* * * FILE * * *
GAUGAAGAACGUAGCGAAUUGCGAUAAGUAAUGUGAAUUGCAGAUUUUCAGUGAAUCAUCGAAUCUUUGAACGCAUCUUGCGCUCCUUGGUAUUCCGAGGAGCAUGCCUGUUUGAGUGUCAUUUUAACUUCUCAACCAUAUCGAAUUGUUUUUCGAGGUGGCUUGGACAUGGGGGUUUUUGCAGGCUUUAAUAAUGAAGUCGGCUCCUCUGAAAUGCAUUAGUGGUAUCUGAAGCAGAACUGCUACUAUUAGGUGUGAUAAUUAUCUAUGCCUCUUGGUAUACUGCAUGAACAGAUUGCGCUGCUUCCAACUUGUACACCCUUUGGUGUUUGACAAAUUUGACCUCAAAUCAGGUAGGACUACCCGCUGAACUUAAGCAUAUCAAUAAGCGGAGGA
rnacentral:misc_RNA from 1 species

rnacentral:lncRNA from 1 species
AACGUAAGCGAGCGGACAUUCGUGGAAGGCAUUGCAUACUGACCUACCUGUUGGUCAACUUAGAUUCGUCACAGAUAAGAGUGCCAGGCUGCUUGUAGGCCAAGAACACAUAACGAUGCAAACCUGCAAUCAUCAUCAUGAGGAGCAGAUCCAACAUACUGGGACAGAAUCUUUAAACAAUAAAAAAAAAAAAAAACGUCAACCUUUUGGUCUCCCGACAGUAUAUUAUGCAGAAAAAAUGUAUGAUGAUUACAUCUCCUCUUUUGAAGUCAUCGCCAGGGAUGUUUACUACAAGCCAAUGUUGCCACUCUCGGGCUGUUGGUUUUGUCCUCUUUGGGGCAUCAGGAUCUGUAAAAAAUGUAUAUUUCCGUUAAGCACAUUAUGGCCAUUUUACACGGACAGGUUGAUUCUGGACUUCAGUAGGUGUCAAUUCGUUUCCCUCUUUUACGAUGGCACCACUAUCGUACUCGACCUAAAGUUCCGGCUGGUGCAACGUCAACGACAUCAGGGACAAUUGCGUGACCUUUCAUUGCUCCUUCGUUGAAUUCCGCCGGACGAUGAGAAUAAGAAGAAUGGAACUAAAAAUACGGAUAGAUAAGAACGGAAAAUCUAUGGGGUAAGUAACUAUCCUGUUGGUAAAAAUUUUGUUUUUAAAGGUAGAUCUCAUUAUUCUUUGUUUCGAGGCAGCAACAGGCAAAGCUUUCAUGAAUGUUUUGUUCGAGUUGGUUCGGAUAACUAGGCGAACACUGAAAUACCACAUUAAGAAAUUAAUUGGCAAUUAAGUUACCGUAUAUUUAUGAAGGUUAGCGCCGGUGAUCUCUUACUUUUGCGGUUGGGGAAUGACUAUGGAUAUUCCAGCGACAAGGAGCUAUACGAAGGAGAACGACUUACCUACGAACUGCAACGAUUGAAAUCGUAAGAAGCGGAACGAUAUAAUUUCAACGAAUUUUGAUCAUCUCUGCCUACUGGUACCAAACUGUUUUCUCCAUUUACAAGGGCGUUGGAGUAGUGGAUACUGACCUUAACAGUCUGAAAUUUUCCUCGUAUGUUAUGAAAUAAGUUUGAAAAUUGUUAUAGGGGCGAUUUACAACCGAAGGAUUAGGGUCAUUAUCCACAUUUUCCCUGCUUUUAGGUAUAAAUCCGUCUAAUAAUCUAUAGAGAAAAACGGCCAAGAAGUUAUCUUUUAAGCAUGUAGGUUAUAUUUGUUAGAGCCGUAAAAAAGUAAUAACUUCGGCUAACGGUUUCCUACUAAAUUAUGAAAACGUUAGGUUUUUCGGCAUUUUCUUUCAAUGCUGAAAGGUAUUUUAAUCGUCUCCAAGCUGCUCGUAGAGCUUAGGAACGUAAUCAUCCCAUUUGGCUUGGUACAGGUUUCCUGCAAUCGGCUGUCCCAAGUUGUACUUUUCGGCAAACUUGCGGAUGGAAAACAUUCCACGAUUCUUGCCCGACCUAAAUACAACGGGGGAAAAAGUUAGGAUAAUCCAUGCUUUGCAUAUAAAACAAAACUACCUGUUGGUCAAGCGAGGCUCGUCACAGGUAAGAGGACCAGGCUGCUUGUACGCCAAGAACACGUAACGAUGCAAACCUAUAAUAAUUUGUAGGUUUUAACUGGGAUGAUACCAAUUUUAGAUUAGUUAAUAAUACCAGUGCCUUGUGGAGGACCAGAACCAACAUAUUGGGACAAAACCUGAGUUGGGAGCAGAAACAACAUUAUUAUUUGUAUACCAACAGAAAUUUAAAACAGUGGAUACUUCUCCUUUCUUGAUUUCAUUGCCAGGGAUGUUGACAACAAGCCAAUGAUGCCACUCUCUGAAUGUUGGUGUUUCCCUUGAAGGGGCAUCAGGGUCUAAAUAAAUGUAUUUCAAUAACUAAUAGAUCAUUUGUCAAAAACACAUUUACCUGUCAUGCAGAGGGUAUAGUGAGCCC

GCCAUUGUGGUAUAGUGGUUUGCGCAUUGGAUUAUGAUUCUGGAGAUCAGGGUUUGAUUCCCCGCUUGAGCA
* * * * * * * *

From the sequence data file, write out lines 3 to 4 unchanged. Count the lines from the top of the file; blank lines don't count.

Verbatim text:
rnacentral:lncRNA from 1 species
AACGUAAGCGAGCGGACAUUCGUGGAAGGCAUUGCAUACUGACCUACCUGUUGGUCAACUUAGAUUCGUCACAGAUAAGAGUGCCAGGCUGCUUGUAGGCCAAGAACACAUAACGAUGCAAACCUGCAAUCAUCAUCAUGAGGAGCAGAUCCAACAUACUGGGACAGAAUCUUUAAACAAUAAAAAAAAAAAAAAACGUCAACCUUUUGGUCUCCCGACAGUAUAUUAUGCAGAAAAAAUGUAUGAUGAUUACAUCUCCUCUUUUGAAGUCAUCGCCAGGGAUGUUUACUACAAGCCAAUGUUGCCACUCUCGGGCUGUUGGUUUUGUCCUCUUUGGGGCAUCAGGAUCUGUAAAAAAUGUAUAUUUCCGUUAAGCACAUUAUGGCCAUUUUACACGGACAGGUUGAUUCUGGACUUCAGUAGGUGUCAAUUCGUUUCCCUCUUUUACGAUGGCACCACUAUCGUACUCGACCUAAAGUUCCGGCUGGUGCAACGUCAACGACAUCAGGGACAAUUGCGUGACCUUUCAUUGCUCCUUCGUUGAAUUCCGCCGGACGAUGAGAAUAAGAAGAAUGGAACUAAAAAUACGGAUAGAUAAGAACGGAAAAUCUAUGGGGUAAGUAACUAUCCUGUUGGUAAAAAUUUUGUUUUUAAAGGUAGAUCUCAUUAUUCUUUGUUUCGAGGCAGCAACAGGCAAAGCUUUCAUGAAUGUUUUGUUCGAGUUGGUUCGGAUAACUAGGCGAACACUGAAAUACCACAUUAAGAAAUUAAUUGGCAAUUAAGUUACCGUAUAUUUAUGAAGGUUAGCGCCGGUGAUCUCUUACUUUUGCGGUUGGGGAAUGACUAUGGAUAUUCCAGCGACAAGGAGCUAUACGAAGGAGAACGACUUACCUACGAACUGCAACGAUUGAAAUCGUAAGAAGCGGAACGAUAUAAUUUCAACGAAUUUUGAUCAUCUCUGCCUACUGGUACCAAACUGUUUUCUCCAUUUACAAGGGCGUUGGAGUAGUGGAUACUGACCUUAACAGUCUGAAAUUUUCCUCGUAUGUUAUGAAAUAAGUUUGAAAAUUGUUAUAGGGGCGAUUUACAACCGAAGGAUUAGGGUCAUUAUCCACAUUUUCCCUGCUUUUAGGUAUAAAUCCGUCUAAUAAUCUAUAGAGAAAAACGGCCAAGAAGUUAUCUUUUAAGCAUGUAGGUUAUAUUUGUUAGAGCCGUAAAAAAGUAAUAACUUCGGCUAACGGUUUCCUACUAAAUUAUGAAAACGUUAGGUUUUUCGGCAUUUUCUUUCAAUGCUGAAAGGUAUUUUAAUCGUCUCCAAGCUGCUCGUAGAGCUUAGGAACGUAAUCAUCCCAUUUGGCUUGGUACAGGUUUCCUGCAAUCGGCUGUCCCAAGUUGUACUUUUCGGCAAACUUGCGGAUGGAAAACAUUCCACGAUUCUUGCCCGACCUAAAUACAACGGGGGAAAAAGUUAGGAUAAUCCAUGCUUUGCAUAUAAAACAAAACUACCUGUUGGUCAAGCGAGGCUCGUCACAGGUAAGAGGACCAGGCUGCUUGUACGCCAAGAACACGUAACGAUGCAAACCUAUAAUAAUUUGUAGGUUUUAACUGGGAUGAUACCAAUUUUAGAUUAGUUAAUAAUACCAGUGCCUUGUGGAGGACCAGAACCAACAUAUUGGGACAAAACCUGAGUUGGGAGCAGAAACAACAUUAUUAUUUGUAUACCAACAGAAAUUUAAAACAGUGGAUACUUCUCCUUUCUUGAUUUCAUUGCCAGGGAUGUUGACAACAAGCCAAUGAUGCCACUCUCUGAAUGUUGGUGUUUCCCUUGAAGGGGCAUCAGGGUCUAAAUAAAUGUAUUUCAAUAACUAAUAGAUCAUUUGUCAAAAACACAUUUACCUGUCAUGCAGAGGGUAUAGUGAGCCC